Five Great Stretches for the Shoulder

Posted by Stuart Hinds on

The shoulder can be a common site for the development of trigger points, restriction, and a number of other ailments ranging from the irritating to the excruciating. 

Simple stretching routines may help prevent the development of active trigger points, accelerate the healing process, and provide pain relief.

We generally try to recommend stretches that are easy to perform just about anywhere. Here are some of our favourite stretches for the shoulder.

Always start slowly, work within your limits, use common sense, and don't forget to ask your therapist about trigger points!

 

1. Pectoral stretch

pectoralis stretch diagram

Kneel on the floor in front of a chair or table and interlock your forearms above your head. Place your arms on the object and lower your upper body toward the ground.

Muscles that you're stretching

Primary muscles: Pectoralis major and minor. Anterior deltoid.
Secondary muscles: Serratus anterior. Teres major.

Injuries where this might be useful

Impingement syndrome. Rotator cuff tendonitis. Shoulder bursitis. Frozen shoulder (adhesive capsulitis). Chest strain. Pectoral muscle insertion inflammation.

Note

Keep your elbows bent and vary the width of your arms for a slightly different stretch.

 

2. Pectoralis and bicep stretch

pec and bicep stretch diagram

Technique

Stand upright with your back towards a table or bench and place your hands on the edge of the table or bench. Slowly lower your entire body.

Muscles that you're stretching

Primary muscles: Anterior deltoid. Pectoralis major and minor.
Secondary muscles: Biceps brachii. Coracobrachialis.

Injuries where this might be useful

Dislocation. Subluxation. Acromioclavicular separation. Sternoclavicular separation. Impingement syndrome. Rotator cuff tendonitis. Shoulder bursitis. Frozen shoulder (adhesive capsulitis). Biceps tendon rupture.Bicepital tendonitis. Biceps strain. Chest strain. Pectoral muscle insertion inflammation.

Note

Use your legs to control the lowering of your body. Do not lower your body too quickly.

 

3. Infraspinatus and posterior deltoid stretch

Infraspinatus stretch diagram

Technique

Stand with your arm out and your forearm pointing downwards at 90 degrees. Place a broomstick in your hand and behind your elbow. With your other hand pull the top of the broomstick forward.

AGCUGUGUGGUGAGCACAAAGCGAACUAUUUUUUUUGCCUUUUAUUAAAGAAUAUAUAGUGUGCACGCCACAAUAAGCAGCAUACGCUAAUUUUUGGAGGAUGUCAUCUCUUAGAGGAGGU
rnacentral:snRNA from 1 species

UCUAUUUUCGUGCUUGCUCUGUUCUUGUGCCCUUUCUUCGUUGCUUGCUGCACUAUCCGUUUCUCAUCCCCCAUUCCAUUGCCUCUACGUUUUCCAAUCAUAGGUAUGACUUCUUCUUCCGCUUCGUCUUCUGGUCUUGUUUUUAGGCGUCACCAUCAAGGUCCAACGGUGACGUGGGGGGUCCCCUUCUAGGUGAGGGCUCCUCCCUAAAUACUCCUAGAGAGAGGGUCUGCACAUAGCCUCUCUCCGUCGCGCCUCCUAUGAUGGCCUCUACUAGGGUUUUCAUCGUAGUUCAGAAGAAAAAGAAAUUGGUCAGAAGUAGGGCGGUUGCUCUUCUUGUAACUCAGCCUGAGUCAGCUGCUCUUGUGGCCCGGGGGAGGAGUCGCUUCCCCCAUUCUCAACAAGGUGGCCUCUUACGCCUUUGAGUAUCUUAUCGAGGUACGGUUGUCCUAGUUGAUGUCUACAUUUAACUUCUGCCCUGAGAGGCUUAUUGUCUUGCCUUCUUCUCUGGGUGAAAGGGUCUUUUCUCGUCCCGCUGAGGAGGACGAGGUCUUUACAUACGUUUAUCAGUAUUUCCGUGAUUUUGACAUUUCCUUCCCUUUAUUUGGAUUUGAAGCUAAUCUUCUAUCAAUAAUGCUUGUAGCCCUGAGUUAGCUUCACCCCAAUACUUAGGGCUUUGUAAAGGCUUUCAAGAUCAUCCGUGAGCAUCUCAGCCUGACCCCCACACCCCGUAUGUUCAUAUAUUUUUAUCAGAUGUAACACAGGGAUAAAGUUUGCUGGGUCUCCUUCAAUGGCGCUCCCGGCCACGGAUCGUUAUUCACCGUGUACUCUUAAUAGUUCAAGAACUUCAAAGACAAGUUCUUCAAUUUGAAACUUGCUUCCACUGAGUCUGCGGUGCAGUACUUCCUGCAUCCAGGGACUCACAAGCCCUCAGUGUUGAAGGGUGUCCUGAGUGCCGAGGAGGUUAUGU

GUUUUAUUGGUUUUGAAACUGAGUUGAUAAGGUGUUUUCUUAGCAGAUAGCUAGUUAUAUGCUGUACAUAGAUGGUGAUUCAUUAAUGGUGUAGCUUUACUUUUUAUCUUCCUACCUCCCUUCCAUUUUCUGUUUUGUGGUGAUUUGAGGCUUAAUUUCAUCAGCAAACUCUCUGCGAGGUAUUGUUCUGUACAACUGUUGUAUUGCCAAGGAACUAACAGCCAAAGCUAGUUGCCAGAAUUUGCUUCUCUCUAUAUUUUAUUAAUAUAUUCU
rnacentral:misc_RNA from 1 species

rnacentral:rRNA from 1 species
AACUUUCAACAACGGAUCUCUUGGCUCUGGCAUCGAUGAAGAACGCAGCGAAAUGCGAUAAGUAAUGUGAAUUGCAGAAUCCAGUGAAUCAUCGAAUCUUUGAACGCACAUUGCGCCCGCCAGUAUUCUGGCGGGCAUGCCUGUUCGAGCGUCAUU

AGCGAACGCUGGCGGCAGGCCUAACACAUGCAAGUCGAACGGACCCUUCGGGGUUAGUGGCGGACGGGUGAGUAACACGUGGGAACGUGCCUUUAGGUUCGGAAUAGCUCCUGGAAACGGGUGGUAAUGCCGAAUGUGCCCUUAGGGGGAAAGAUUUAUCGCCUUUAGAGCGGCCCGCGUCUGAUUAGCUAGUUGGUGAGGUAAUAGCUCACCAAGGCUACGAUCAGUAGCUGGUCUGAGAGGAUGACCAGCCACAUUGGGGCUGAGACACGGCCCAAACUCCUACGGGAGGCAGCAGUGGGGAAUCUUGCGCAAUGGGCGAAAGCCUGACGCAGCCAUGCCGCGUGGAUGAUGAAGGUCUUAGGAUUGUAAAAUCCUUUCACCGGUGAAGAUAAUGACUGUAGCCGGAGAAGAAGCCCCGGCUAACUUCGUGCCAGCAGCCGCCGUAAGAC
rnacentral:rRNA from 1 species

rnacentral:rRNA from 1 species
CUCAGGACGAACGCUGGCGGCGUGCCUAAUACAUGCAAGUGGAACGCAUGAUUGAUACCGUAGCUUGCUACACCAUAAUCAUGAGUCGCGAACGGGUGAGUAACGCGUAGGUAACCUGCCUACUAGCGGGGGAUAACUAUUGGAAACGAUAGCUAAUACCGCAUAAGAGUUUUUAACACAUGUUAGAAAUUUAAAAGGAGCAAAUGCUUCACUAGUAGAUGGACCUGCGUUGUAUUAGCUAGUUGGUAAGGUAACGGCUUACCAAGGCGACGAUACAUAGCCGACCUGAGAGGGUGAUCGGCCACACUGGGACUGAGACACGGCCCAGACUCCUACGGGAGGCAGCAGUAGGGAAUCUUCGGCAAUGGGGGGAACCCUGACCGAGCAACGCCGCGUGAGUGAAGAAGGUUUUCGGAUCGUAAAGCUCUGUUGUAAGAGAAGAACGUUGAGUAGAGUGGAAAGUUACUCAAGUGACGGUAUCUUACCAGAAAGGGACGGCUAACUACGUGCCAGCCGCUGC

Muscles that you're stretching

Primary muscle: Infraspinatus. Posterior deltoid.
Secondary muscle: Teres minor.

Injuries where this might be useful

Dislocation. Subluxation. Acromioclavicular separation. Sternoclavicular separation. Impingement syndrome. Rotator cuff tendonitis. Shoulder bursitis. Frozen shoulder (adhesive capsulitis).

Note

Many people are very tight in the rotator cuff muscles of the shoulder. Perform this stretch very slowly to start with and use extreme caution at all times.

 

4. Trapezius and posterior deltoid stretch

Trapezius and posterior deltoid stretch diagram

Technique

Sit in a squatting position while facing a door edge or pole, then hold onto the door edge with one hand and lean backwards away from the door.

Muscles that you're stretching

Primary muscles: Trapezius. Rhomboids. Latissimus dorsi. Posterior deltoid. 
Secondary muscle: Teres major.

Injuries where this might be useful

Neck muscle strain. Whiplash (neck sprain). Cervical nerve stretch syndrome. Wry neck (acute torticollis). Upper back muscle strain. Upper back ligament sprain. Impingement syndrome. Rotator cuff tendonitis. Shoulder bursitis. Frozen shoulder (adhesive capsulitis).

Note

Lean backwards and let the weight of your body do the stretching. Relax your upper back, allowing it to round out and your shoulder blades to separate.

 

5. Anterior deltoid and biceps brachii stretch

Biceps brachii stretch diagram

Technique

Stand upright and clasp your hands together behind your back. Slowly lift your hands upward.

Muscles that you're stretching

Primary muscle: Anterior deltoid.
Secondary muscles. Biceps brachii. Brachialis. Coracobrachialis.

Injuries where this might be useful

Dislocation. Subluxation. Acromioclavicular separation. Sternoclavicular separation. Impingement syndrome. Rotator cuff tendonitis. Shoulder bursitis. Frozen shoulder (adhesive capsulitis). Chest strain. Pectoral muscle insertion inflammation.

Note

Do not lean forward while lifting your hands upward.

 

Learn More

Anatomy of stretching course cover

NAT Master Course - Anatomy of Stretching (10 CPE)

 

About the author

Stuart Hinds is one of Australia’s leading soft tissue therapists, with over 27 years of experience as a practitioner, working with elite sports athletes, supporting Olympic teams, educating and mentoring others as well as running a highly successful clinic in Geelong.

Stuart has a strong following of practitioners across Australia and globally who tap into his expertise as a soft-tissue specialist. He delivers a range of highly sought after seminars across Australia, supported by online videos, webinars and one-on-one mentoring to help support his colleagues to build successful businesses.

In 2016, Stuart was awarded a lifetime membership to Massage & Myotherapy Australia for his significant support and contribution to the industry.

* * * 

This trigger point therapy blog is intended to be used for information purposes only and is not intended to be used for medical diagnosis or treatment or to substitute for a medical diagnosis and/or treatment rendered or prescribed by a physician or competent healthcare professional. This information is designed as educational material, but should not be taken as a recommendation for treatment of any particular person or patient. Always consult your physician if you think you need treatment or if you feel unwell. 

Related Posts


Share this post



← Older Post Newer Post →


Leave a comment

Please note, comments must be approved before they are published.